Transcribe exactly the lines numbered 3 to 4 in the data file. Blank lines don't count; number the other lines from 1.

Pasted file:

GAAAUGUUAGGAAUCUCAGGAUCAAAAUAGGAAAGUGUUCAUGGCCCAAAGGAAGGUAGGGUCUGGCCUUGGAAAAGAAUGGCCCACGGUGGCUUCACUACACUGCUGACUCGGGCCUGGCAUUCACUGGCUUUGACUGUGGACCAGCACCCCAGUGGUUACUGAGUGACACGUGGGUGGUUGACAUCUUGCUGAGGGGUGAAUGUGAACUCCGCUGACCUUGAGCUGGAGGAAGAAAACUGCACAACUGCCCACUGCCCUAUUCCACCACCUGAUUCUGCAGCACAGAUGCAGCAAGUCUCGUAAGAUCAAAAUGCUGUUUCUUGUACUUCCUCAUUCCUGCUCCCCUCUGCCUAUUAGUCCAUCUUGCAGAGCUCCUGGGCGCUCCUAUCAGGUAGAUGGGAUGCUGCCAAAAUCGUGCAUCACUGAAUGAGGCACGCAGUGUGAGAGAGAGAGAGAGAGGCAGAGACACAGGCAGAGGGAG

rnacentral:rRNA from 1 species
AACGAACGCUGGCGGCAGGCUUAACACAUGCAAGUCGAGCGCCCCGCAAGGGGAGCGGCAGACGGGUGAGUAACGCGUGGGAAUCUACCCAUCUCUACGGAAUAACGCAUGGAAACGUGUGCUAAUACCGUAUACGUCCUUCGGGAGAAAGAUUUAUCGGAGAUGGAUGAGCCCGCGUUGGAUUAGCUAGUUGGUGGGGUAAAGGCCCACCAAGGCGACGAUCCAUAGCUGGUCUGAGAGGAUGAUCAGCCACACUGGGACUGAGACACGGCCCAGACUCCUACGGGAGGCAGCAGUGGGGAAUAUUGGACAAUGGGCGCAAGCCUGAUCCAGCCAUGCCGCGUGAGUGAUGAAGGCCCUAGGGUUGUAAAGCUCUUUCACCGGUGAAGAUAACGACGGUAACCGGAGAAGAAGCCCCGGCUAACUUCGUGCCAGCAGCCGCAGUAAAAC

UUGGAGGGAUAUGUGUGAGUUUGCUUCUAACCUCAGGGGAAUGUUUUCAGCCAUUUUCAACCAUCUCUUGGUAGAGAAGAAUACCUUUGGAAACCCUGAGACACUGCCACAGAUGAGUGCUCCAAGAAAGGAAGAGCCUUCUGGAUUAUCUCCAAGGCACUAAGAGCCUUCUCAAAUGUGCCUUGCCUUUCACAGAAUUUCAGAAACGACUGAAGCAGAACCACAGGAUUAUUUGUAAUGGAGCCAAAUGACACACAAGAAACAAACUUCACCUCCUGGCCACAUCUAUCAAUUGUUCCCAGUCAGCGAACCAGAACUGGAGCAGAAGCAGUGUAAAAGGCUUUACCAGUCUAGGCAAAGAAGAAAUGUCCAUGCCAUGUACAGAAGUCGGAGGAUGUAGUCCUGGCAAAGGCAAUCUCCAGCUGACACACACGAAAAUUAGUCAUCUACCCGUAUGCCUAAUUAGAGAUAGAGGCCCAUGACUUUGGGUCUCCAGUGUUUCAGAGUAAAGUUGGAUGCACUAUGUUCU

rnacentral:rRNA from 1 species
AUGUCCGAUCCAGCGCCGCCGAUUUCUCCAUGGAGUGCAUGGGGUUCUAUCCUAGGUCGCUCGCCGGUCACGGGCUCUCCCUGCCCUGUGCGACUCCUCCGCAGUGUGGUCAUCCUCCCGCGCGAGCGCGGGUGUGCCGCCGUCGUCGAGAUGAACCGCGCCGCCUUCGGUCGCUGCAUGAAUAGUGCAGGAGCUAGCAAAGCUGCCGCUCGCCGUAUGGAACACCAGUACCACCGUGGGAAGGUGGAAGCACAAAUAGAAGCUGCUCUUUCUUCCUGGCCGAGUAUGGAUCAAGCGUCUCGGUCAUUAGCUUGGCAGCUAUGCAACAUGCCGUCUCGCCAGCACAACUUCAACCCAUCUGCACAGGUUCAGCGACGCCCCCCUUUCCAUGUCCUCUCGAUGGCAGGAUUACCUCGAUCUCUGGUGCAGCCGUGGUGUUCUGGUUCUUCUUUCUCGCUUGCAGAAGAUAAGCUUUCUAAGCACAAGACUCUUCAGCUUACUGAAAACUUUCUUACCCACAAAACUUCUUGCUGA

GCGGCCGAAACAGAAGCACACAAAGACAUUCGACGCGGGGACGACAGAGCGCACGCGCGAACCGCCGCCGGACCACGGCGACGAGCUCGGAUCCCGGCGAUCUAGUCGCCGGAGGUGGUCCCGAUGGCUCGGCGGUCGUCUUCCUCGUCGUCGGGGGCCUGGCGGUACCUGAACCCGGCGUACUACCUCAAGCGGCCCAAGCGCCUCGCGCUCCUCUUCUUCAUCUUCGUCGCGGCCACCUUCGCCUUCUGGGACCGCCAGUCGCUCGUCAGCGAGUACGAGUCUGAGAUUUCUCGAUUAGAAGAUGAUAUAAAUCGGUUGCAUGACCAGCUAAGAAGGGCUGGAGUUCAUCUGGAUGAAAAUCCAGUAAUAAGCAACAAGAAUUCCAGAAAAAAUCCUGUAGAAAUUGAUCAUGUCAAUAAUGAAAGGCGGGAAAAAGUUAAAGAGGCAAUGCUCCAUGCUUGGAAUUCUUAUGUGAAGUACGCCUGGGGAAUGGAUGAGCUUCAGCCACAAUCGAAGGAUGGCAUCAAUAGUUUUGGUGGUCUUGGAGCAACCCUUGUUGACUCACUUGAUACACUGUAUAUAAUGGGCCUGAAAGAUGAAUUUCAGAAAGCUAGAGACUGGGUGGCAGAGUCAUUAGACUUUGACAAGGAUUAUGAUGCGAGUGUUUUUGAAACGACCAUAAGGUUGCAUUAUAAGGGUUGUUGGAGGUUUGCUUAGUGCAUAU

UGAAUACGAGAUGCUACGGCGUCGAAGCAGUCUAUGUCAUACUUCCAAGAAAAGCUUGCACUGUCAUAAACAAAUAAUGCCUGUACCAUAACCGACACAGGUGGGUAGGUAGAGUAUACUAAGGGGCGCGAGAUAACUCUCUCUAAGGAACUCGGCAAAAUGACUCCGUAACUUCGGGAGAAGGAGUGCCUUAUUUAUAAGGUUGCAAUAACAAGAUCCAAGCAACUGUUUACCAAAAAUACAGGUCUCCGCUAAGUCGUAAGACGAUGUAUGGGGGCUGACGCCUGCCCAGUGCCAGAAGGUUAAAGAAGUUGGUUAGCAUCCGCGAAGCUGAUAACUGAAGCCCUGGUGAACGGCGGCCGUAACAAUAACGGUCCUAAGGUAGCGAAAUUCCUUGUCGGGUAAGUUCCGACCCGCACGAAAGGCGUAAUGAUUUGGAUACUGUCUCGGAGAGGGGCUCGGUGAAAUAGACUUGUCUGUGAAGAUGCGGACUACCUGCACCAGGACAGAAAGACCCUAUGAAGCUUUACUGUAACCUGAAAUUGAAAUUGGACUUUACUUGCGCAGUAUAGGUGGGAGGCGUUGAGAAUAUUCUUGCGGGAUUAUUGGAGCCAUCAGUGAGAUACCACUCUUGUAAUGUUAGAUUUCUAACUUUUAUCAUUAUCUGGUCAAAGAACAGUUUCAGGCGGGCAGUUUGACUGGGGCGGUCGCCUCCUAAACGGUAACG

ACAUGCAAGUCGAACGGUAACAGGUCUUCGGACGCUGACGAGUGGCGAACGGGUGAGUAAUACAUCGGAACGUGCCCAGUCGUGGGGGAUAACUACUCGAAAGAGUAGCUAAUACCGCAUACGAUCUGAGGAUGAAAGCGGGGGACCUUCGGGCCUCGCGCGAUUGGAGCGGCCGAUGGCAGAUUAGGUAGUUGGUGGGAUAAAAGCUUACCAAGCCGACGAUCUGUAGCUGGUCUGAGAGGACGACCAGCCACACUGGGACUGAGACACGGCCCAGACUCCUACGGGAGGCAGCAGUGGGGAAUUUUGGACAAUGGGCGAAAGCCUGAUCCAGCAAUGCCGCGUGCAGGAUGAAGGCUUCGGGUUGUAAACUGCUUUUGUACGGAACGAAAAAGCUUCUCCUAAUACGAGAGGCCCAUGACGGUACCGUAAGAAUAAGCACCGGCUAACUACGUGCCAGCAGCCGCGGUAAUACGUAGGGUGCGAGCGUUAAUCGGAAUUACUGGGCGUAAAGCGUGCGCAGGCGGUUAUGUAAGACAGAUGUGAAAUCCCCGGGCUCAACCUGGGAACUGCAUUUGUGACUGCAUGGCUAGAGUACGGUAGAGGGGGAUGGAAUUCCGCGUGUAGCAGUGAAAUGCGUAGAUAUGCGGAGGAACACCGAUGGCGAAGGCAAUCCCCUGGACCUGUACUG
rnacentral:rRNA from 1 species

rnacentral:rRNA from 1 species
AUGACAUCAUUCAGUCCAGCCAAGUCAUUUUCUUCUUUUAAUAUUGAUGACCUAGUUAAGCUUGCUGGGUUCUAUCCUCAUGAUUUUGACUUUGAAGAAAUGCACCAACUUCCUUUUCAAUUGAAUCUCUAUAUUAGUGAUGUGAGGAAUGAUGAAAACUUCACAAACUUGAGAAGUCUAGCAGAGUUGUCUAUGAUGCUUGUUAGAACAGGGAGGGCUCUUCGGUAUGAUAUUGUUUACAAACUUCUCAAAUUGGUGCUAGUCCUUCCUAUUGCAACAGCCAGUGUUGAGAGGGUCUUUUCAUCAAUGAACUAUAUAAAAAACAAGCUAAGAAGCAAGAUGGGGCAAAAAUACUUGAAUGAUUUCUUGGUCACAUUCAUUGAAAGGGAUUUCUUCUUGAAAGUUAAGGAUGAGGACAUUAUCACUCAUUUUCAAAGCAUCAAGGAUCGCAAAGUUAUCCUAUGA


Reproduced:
AACGAACGCUGGCGGCAGGCUUAACACAUGCAAGUCGAGCGCCCCGCAAGGGGAGCGGCAGACGGGUGAGUAACGCGUGGGAAUCUACCCAUCUCUACGGAAUAACGCAUGGAAACGUGUGCUAAUACCGUAUACGUCCUUCGGGAGAAAGAUUUAUCGGAGAUGGAUGAGCCCGCGUUGGAUUAGCUAGUUGGUGGGGUAAAGGCCCACCAAGGCGACGAUCCAUAGCUGGUCUGAGAGGAUGAUCAGCCACACUGGGACUGAGACACGGCCCAGACUCCUACGGGAGGCAGCAGUGGGGAAUAUUGGACAAUGGGCGCAAGCCUGAUCCAGCCAUGCCGCGUGAGUGAUGAAGGCCCUAGGGUUGUAAAGCUCUUUCACCGGUGAAGAUAACGACGGUAACCGGAGAAGAAGCCCCGGCUAACUUCGUGCCAGCAGCCGCAGUAAAAC

UUGGAGGGAUAUGUGUGAGUUUGCUUCUAACCUCAGGGGAAUGUUUUCAGCCAUUUUCAACCAUCUCUUGGUAGAGAAGAAUACCUUUGGAAACCCUGAGACACUGCCACAGAUGAGUGCUCCAAGAAAGGAAGAGCCUUCUGGAUUAUCUCCAAGGCACUAAGAGCCUUCUCAAAUGUGCCUUGCCUUUCACAGAAUUUCAGAAACGACUGAAGCAGAACCACAGGAUUAUUUGUAAUGGAGCCAAAUGACACACAAGAAACAAACUUCACCUCCUGGCCACAUCUAUCAAUUGUUCCCAGUCAGCGAACCAGAACUGGAGCAGAAGCAGUGUAAAAGGCUUUACCAGUCUAGGCAAAGAAGAAAUGUCCAUGCCAUGUACAGAAGUCGGAGGAUGUAGUCCUGGCAAAGGCAAUCUCCAGCUGACACACACGAAAAUUAGUCAUCUACCCGUAUGCCUAAUUAGAGAUAGAGGCCCAUGACUUUGGGUCUCCAGUGUUUCAGAGUAAAGUUGGAUGCACUAUGUUCU